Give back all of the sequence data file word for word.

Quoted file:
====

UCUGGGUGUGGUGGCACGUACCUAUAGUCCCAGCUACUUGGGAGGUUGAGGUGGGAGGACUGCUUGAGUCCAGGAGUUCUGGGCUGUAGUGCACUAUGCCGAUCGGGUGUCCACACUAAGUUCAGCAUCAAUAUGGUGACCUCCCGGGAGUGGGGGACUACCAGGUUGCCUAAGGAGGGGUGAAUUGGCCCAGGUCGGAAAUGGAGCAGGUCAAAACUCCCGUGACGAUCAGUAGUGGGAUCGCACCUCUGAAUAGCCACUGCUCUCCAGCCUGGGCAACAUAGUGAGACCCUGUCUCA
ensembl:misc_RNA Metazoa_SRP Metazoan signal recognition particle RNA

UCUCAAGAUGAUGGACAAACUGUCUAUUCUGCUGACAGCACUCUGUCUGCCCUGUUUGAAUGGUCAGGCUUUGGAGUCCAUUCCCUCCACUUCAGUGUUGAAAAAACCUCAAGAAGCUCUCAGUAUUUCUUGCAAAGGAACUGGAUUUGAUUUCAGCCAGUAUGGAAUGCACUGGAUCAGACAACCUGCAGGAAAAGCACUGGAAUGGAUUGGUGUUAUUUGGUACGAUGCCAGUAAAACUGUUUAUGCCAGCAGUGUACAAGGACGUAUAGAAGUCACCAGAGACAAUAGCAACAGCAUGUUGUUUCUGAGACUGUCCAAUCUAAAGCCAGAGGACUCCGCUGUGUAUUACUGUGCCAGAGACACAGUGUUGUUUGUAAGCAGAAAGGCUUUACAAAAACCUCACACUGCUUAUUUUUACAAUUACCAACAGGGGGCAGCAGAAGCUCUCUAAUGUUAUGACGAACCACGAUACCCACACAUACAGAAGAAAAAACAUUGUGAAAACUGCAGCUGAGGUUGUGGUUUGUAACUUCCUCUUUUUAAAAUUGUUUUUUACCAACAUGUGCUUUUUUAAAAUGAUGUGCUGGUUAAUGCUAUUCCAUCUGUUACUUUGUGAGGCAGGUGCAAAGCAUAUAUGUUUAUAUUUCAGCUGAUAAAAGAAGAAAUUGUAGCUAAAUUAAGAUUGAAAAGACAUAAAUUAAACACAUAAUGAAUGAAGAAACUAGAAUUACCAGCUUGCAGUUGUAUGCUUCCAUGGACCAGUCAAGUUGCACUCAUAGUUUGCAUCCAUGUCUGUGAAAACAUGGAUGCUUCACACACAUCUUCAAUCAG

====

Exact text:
UCUGGGUGUGGUGGCACGUACCUAUAGUCCCAGCUACUUGGGAGGUUGAGGUGGGAGGACUGCUUGAGUCCAGGAGUUCUGGGCUGUAGUGCACUAUGCCGAUCGGGUGUCCACACUAAGUUCAGCAUCAAUAUGGUGACCUCCCGGGAGUGGGGGACUACCAGGUUGCCUAAGGAGGGGUGAAUUGGCCCAGGUCGGAAAUGGAGCAGGUCAAAACUCCCGUGACGAUCAGUAGUGGGAUCGCACCUCUGAAUAGCCACUGCUCUCCAGCCUGGGCAACAUAGUGAGACCCUGUCUCA
ensembl:misc_RNA Metazoa_SRP Metazoan signal recognition particle RNA

UCUCAAGAUGAUGGACAAACUGUCUAUUCUGCUGACAGCACUCUGUCUGCCCUGUUUGAAUGGUCAGGCUUUGGAGUCCAUUCCCUCCACUUCAGUGUUGAAAAAACCUCAAGAAGCUCUCAGUAUUUCUUGCAAAGGAACUGGAUUUGAUUUCAGCCAGUAUGGAAUGCACUGGAUCAGACAACCUGCAGGAAAAGCACUGGAAUGGAUUGGUGUUAUUUGGUACGAUGCCAGUAAAACUGUUUAUGCCAGCAGUGUACAAGGACGUAUAGAAGUCACCAGAGACAAUAGCAACAGCAUGUUGUUUCUGAGACUGUCCAAUCUAAAGCCAGAGGACUCCGCUGUGUAUUACUGUGCCAGAGACACAGUGUUGUUUGUAAGCAGAAAGGCUUUACAAAAACCUCACACUGCUUAUUUUUACAAUUACCAACAGGGGGCAGCAGAAGCUCUCUAAUGUUAUGACGAACCACGAUACCCACACAUACAGAAGAAAAAACAUUGUGAAAACUGCAGCUGAGGUUGUGGUUUGUAACUUCCUCUUUUUAAAAUUGUUUUUUACCAACAUGUGCUUUUUUAAAAUGAUGUGCUGGUUAAUGCUAUUCCAUCUGUUACUUUGUGAGGCAGGUGCAAAGCAUAUAUGUUUAUAUUUCAGCUGAUAAAAGAAGAAAUUGUAGCUAAAUUAAGAUUGAAAAGACAUAAAUUAAACACAUAAUGAAUGAAGAAACUAGAAUUACCAGCUUGCAGUUGUAUGCUUCCAUGGACCAGUCAAGUUGCACUCAUAGUUUGCAUCCAUGUCUGUGAAAACAUGGAUGCUUCACACACAUCUUCAAUCAG